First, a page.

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magic lantern slide

The show is part of the British Association for Victorian Studies 2018 Annual Conference

See the magic of Victorian “magic” lanterns come alive at Exeter show

Beautiful Victorian images can be seen in spectacular style using a rare magic lantern at a special one-off show in Exeter.

Magic lanterns were a popular form of entertainment for more than 300 years before the invention of the TV and radio. They were a form of slide projector where people could show their own photographs or paintings in private homes or at public events in churches, town halls and schools to delight and enlighten audiences.

A new free show at the University of Exeter will allow people to see original glass slides shown through an authentic triple magic lantern, which has three projectors. This complex device allows images to be shown at a fast pace, allowing projectionists to create the most spectacular effects the lantern can produce.

The show is part of the British Association for Victorian Studies 2018 Annual Conference, held at the University of Exeter this week. Academics from the University are digitising thousands of irreplaceable magic lantern slides for future generations to see. The slides, hand-painted images or photographic transparencies, are held in museums around the country but are too fragile to be on display. Digitising them preserves the images, and also allows them to be used again in exhibitions and as a historical resource.

Professor Joe Kember, from the University of Exeter, who is leading the research project, said: “We are looking forward to this show. The lanternists Carolyn and Jeremy Brooker have been performing together for over 20 years and are masters of using the equipment, which is complex and demanding. This should be a unique experience for all ages.”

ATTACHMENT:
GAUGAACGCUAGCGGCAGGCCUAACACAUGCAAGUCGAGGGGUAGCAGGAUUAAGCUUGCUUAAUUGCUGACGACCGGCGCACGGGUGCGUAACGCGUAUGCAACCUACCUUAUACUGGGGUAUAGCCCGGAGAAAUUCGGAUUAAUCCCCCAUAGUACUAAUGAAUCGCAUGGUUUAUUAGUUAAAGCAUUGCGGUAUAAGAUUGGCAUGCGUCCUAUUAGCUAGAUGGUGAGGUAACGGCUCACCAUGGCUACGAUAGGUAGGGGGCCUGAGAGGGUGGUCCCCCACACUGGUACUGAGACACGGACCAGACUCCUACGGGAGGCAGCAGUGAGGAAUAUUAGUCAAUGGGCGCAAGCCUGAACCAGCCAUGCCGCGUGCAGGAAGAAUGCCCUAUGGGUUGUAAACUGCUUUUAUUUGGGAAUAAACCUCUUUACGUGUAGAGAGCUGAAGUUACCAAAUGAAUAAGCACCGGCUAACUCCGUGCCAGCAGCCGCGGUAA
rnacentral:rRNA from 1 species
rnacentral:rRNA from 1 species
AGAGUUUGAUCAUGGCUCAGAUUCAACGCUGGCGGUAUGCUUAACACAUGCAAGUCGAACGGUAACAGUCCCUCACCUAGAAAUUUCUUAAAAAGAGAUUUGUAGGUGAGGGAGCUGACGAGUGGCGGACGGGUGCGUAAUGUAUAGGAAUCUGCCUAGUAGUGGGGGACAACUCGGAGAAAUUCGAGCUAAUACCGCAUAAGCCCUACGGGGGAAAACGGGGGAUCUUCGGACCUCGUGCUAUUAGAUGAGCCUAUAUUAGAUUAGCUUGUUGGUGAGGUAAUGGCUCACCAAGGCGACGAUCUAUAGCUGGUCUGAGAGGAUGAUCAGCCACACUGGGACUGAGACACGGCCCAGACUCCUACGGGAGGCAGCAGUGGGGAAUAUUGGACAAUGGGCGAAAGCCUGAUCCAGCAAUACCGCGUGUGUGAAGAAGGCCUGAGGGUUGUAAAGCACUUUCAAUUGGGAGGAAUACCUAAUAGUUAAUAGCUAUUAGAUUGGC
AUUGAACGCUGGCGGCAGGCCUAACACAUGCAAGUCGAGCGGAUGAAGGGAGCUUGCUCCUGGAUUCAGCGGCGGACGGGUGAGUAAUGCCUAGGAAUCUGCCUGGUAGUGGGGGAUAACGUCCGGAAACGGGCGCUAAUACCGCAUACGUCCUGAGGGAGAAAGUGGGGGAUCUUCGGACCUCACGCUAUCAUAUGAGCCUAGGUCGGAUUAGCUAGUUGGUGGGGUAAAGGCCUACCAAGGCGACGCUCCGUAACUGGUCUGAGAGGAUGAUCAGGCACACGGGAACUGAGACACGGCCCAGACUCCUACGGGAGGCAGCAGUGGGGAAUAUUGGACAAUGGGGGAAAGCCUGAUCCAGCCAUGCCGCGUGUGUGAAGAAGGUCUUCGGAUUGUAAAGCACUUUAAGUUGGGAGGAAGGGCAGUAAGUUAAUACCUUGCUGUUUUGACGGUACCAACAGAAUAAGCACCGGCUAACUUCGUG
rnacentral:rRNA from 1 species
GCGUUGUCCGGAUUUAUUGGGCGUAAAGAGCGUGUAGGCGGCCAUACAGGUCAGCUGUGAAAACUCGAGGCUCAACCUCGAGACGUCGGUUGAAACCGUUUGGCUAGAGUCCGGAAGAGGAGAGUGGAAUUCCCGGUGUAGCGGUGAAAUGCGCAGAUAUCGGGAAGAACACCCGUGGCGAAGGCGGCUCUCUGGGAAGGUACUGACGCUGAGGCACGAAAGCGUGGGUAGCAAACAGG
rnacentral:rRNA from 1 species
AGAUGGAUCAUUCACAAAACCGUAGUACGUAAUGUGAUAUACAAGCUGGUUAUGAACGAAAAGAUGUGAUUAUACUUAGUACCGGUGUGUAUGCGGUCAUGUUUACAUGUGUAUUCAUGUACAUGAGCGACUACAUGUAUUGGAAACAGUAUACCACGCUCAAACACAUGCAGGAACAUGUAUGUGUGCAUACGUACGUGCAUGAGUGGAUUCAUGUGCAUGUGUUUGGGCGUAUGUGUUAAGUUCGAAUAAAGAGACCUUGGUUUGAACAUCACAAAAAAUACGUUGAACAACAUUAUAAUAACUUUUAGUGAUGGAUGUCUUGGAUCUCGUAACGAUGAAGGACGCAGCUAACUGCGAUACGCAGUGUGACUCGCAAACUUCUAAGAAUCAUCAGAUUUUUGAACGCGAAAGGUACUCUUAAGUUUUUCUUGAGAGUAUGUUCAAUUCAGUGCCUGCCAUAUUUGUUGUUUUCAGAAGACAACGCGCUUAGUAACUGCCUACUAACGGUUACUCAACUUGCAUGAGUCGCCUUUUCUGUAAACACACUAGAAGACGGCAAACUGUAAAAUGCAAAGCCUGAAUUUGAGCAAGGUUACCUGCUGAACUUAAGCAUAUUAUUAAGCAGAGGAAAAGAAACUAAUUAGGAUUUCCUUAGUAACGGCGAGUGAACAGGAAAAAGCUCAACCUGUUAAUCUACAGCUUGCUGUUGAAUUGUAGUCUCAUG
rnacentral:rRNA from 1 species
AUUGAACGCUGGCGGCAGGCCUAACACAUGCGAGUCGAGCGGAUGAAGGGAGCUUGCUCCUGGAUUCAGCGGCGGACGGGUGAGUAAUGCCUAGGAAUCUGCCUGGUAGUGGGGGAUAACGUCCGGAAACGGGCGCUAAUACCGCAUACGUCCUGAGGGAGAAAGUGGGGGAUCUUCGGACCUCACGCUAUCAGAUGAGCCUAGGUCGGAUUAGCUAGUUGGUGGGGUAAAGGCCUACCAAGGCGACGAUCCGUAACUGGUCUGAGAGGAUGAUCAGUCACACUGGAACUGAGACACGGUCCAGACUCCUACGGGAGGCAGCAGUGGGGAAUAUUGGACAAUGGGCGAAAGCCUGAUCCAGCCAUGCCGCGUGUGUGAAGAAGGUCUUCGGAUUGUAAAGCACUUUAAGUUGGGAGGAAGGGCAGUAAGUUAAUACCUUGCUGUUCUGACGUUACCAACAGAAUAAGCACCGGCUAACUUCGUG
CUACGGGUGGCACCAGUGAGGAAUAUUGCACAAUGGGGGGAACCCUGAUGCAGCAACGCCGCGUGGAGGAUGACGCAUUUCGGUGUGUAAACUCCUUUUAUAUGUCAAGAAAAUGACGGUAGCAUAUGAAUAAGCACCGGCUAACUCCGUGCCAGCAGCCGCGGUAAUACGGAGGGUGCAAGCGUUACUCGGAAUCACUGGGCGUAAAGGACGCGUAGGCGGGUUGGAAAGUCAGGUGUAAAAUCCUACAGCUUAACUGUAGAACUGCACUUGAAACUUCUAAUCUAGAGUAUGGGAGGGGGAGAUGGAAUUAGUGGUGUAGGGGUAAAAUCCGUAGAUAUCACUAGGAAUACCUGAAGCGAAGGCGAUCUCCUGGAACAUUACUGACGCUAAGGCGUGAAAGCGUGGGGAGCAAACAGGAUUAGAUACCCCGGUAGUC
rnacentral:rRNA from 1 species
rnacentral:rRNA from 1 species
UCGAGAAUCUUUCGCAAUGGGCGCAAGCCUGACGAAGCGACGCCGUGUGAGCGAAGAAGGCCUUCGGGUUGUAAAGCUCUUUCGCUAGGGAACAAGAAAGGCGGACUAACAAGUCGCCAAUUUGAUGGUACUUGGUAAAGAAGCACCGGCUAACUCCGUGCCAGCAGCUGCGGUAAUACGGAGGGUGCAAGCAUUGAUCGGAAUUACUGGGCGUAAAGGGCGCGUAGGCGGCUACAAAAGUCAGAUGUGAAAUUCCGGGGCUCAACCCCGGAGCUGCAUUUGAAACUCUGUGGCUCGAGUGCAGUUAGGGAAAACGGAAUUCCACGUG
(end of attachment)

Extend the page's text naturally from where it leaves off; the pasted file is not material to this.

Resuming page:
Dr Jeremy Brooker has been giving magic lantern shows since he was fourteen years old. He is also a professional musician who has collaborated with a wide range of artists and other performers, as well as creating original slide images of his own. He has written extensively about the magic lantern.

Early magic lanterns used candles and oil lamps as the light source, and later became powered by elaborate gas-fired ‘limelight’ burners, and then by electricity. Some lantern slides had mechanical devices to give the illusion of movement to the otherwise static images. The lantern’s heyday was around the end of the 19th century, when a worldwide network of businesses made, sold and hired slides. In the middle of the 20th century it gradually evolved into the common ‘slide projectors’ seen in many homes and institutions and then the digital ‘data projector’ found everywhere today.

The show, “A Grand Gothic Magic Lantern Entertainment”, will be held on Thursday, August 30 from 18:30 to 19:30 at the Roborough Studios on the University of Exeter’s main campus. Register here:

Date: 24 August 2018

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